There's no single path to earning customer trust. Harrah's Entertainment Inc.'s casinos track the detailed gambling habits of 8 million members of its loyalty program but won't augment that with external data. American Express Co. combines customers' purchasing data with outside information sources and uses it for direct marketing but refuses to sell it to third parties. And Fidelity won't even share information across business lines--only the customer can link multiple accounts such as a 401(k) account and a money-market fund.
Customers "want to deal with an institution they can trust without having to actively manage the privacy," says Williams, Fidelity's chief privacy officer.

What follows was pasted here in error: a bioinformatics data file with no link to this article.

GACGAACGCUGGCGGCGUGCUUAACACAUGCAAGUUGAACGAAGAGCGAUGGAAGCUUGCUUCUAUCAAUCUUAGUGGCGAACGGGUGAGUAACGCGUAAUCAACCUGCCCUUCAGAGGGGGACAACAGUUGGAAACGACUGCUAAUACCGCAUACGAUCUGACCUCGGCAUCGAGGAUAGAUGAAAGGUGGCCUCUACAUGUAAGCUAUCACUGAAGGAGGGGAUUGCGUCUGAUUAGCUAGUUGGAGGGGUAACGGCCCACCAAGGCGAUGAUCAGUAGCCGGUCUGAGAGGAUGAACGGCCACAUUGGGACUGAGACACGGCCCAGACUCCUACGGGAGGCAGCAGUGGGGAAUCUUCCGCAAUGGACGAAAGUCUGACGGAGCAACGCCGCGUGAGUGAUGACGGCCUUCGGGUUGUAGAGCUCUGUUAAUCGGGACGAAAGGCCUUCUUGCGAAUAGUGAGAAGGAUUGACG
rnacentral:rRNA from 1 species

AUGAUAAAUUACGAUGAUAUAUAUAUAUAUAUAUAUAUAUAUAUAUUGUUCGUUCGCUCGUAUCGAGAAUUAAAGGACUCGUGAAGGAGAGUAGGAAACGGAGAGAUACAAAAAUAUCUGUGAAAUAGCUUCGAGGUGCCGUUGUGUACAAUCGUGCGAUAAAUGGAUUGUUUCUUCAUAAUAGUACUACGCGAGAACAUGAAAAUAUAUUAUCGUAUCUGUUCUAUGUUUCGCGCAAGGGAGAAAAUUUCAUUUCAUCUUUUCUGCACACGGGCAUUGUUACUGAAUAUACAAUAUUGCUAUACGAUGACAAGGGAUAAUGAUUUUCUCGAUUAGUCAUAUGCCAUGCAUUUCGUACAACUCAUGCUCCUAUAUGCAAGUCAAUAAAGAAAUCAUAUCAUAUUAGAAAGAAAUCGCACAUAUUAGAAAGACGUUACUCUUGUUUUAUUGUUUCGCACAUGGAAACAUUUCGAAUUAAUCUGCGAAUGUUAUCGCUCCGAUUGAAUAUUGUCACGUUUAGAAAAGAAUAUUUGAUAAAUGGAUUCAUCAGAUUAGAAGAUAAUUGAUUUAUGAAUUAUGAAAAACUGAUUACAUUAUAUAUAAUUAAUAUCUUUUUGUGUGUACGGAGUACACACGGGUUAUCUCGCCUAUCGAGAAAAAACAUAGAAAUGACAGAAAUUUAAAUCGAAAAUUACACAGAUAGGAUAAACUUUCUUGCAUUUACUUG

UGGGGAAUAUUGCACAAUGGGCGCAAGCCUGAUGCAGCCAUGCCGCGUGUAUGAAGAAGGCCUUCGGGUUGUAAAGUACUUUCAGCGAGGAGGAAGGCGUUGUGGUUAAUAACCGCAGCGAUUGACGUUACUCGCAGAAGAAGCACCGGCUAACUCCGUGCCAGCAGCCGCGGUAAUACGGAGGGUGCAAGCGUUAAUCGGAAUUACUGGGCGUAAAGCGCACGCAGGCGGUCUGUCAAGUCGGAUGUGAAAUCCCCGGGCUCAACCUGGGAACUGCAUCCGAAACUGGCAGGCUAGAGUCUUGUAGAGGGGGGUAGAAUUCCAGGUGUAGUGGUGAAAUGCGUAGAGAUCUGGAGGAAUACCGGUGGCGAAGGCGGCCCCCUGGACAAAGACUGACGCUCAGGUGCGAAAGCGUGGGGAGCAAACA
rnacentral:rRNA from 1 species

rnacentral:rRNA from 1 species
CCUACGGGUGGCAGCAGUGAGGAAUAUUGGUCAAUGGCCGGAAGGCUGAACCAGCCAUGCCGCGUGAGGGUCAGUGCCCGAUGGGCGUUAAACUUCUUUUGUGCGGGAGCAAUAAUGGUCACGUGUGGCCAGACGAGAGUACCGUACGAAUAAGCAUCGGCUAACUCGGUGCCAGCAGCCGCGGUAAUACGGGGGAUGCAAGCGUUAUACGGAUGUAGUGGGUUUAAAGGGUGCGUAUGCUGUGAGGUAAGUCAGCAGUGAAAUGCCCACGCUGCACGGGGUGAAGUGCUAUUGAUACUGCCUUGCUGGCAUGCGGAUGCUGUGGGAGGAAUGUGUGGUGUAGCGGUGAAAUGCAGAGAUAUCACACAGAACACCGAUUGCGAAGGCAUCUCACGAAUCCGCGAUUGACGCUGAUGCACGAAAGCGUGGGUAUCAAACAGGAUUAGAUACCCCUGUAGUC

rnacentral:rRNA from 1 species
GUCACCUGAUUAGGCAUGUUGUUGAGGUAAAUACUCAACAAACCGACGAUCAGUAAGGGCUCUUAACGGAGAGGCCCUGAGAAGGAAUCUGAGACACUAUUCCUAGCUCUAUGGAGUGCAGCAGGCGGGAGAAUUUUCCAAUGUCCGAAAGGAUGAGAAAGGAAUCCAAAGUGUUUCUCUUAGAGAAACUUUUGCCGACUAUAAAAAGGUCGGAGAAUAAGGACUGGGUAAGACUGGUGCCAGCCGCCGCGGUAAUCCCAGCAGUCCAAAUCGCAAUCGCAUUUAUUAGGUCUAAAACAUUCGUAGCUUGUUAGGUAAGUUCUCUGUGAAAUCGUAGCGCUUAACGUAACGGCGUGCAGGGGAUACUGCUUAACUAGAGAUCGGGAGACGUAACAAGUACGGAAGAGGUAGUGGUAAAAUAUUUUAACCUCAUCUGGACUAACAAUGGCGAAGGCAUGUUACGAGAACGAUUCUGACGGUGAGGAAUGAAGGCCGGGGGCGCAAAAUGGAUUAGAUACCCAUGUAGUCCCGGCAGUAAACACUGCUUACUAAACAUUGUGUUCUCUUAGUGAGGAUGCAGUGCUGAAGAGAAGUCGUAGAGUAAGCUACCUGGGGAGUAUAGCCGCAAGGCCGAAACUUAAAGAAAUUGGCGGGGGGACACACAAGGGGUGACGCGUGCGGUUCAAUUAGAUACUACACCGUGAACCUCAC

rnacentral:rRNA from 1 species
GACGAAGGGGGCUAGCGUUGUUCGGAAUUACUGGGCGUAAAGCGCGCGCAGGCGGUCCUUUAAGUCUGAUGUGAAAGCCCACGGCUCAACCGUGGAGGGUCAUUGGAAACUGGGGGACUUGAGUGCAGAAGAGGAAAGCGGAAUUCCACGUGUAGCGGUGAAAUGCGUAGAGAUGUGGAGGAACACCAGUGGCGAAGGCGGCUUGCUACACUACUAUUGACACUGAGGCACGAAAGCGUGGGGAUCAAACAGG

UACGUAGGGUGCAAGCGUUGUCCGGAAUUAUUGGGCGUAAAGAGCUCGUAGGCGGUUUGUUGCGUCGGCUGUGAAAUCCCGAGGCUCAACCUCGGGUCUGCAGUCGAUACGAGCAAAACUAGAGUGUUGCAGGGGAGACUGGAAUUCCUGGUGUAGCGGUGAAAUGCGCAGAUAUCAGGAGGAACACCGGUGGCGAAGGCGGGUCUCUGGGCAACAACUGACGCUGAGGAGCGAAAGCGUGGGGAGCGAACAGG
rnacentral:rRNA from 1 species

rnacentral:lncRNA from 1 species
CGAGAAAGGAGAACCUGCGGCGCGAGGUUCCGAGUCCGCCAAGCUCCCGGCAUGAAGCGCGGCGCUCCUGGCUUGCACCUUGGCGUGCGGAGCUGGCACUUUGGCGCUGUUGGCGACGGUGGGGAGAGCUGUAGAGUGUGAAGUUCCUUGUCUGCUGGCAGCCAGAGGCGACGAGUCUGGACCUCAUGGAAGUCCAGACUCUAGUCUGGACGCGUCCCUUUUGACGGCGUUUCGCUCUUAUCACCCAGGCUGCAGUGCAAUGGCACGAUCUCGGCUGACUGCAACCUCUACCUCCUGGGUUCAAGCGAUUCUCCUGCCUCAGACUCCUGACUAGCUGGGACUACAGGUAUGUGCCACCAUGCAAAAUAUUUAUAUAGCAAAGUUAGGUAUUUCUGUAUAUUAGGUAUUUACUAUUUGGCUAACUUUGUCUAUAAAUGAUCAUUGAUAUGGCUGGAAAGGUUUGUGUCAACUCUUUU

Companies have reason to take this privacy balancing act seriously. A recent Gartner survey of 7,000 consumers showed more than 80% are concerned about the privacy of their Social Security and credit-card numbers, and 60% say security and privacy worries keep them from doing business online. But there's a potential upside: A Jupiter Media Metrix report released last week suggests companies can win the trust of Web users over time. The survey found more than 30% of long-time Web users trusted merchants and banks enough to give them personal information, while only 13% of people who've been online less than a year had that same level of trust. "It's a competitive advantage to become leaders in the privacy space," Fidelity's Williams says.